Furniture shortages compel Bosuoyir primary pupils to learn on bare ground

Friday 22nd February, 2019
Bosuoyir Furniture Shortage

By Okyere Mavis, GNA

Bosuoyir (U/WR), Feb 22, GNA - Pupils of Bosuoyir M/A Primary School in the Wa Municipality are exposed to bad weather conditions and unhygienic environment as several of the pupils sit on filthy floor to receive lessons.

The school, established in September, 2014, manages a total enrolment of 107 pupils and has its primary two, one and Kindergarten one and two pupils, numbering 80, cramped into one classroom without a single desk or teacher’s future.

A Community Member, Mr Kijemore Charles, speaking to the Ghana News Agency about the dire challenges facing the school, said: “As you can see, there is no single desk for the 80 pupils”.

Pupils overcrowded in a single classroom sit on the open dusty floor, under severe heat and sweat with its attendant health hazards, waiting to be taught during contact hours.

It was discovered that 11 pupils in primary five had only two of the dual desk furniture, when the GNA visited the school premises.

Three dual desks furniture were also available for seven pupils in primary six while about four pupils were seen sharing one desk in the remaining classrooms during the team’s visit at 010 hours.

Some teachers were also seen sitting on broken tables, chairs and others on kitchen stools.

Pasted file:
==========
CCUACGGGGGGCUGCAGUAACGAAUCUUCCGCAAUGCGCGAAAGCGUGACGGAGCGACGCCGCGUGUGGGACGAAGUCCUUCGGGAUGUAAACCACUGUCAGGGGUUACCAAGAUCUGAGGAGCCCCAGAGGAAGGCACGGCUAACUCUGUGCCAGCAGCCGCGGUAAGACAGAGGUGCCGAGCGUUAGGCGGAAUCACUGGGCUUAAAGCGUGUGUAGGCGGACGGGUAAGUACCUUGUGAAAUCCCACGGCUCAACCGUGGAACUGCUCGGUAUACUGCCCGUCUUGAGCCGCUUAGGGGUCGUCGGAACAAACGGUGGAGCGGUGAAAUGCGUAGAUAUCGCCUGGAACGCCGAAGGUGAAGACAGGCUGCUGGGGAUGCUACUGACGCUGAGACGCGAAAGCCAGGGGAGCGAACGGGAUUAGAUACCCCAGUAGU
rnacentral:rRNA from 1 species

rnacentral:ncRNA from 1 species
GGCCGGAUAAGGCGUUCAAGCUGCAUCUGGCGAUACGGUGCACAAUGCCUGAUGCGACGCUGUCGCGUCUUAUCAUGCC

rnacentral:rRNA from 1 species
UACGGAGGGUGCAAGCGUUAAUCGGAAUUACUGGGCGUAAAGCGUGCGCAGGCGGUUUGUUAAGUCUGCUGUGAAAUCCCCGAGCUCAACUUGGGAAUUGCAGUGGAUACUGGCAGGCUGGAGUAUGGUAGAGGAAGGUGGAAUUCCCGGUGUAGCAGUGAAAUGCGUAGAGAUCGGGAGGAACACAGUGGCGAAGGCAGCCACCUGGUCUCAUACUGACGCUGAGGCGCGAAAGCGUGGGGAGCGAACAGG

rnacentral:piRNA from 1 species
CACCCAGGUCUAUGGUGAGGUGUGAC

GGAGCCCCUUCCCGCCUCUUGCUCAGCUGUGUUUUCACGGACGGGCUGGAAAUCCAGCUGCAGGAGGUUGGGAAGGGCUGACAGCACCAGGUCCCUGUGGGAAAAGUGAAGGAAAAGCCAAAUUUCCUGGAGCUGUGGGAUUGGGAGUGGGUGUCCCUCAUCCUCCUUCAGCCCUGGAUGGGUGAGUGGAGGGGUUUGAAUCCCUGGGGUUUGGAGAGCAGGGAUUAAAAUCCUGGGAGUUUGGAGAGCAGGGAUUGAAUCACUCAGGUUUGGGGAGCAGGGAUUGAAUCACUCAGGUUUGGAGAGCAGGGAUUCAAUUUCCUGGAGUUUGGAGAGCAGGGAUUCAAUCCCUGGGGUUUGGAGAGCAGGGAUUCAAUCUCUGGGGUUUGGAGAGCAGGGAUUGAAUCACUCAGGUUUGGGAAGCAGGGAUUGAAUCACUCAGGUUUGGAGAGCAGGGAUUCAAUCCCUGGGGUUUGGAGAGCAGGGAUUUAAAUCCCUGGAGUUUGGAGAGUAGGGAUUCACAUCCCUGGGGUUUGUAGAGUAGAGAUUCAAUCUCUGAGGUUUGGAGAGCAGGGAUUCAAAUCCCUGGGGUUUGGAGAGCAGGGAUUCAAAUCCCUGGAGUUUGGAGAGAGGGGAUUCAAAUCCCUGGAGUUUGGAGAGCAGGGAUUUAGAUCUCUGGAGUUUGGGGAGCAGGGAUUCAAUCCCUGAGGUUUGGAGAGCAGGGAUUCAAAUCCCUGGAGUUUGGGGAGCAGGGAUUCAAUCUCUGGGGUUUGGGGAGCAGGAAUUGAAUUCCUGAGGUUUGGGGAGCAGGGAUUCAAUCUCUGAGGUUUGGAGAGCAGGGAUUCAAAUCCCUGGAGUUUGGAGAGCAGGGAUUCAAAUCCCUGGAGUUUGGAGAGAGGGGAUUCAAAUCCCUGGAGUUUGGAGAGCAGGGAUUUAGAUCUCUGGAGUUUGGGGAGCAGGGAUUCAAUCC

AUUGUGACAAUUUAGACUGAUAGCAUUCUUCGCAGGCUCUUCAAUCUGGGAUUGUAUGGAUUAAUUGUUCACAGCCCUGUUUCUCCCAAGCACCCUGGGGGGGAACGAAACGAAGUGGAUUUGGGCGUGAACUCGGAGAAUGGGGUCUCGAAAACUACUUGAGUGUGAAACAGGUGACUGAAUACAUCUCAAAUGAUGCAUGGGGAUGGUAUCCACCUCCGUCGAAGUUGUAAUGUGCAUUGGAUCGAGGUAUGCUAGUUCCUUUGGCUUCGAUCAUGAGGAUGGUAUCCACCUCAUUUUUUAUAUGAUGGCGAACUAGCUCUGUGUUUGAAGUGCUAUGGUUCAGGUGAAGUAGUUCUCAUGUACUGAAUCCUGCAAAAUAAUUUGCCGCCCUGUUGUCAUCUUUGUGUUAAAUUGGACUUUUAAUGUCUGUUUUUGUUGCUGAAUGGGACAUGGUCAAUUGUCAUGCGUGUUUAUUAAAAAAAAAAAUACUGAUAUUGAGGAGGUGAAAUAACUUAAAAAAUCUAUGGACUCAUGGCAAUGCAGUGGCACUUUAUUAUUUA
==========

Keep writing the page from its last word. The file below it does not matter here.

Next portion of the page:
The teachers, who pleaded anonymity due to strict orders from Ghana Education Service (GES) Directorate warning against speaking to the media without permission, were unhappy that despite several letters written to GES requesting assistance, there has been no response.

Metal gate of the school is being used as a teaching board for kindergarten pupils. “This iron gate, was removed to serve as blackboard for the kindergarten pupils, you know we have to improvise,” one teacher said.

Mr. Kijemore, who looked visibly worried, said the deplorable situation in the School was undermining smooth academic work and ruining the future of children living in the community located 18 kilometres away from Wa.

The school was provided with 45 dual desks during the onset of its establishment but many of them have broken down due to overuse following upsurge in enrolment.

Mr. Kijemore appealed to the Wa Municipal Assembly and the GES to assist the school to prevent any outbreak of disease like cerebral spinal meningitis due to excessive heat emanating from the overcrowding.

GNA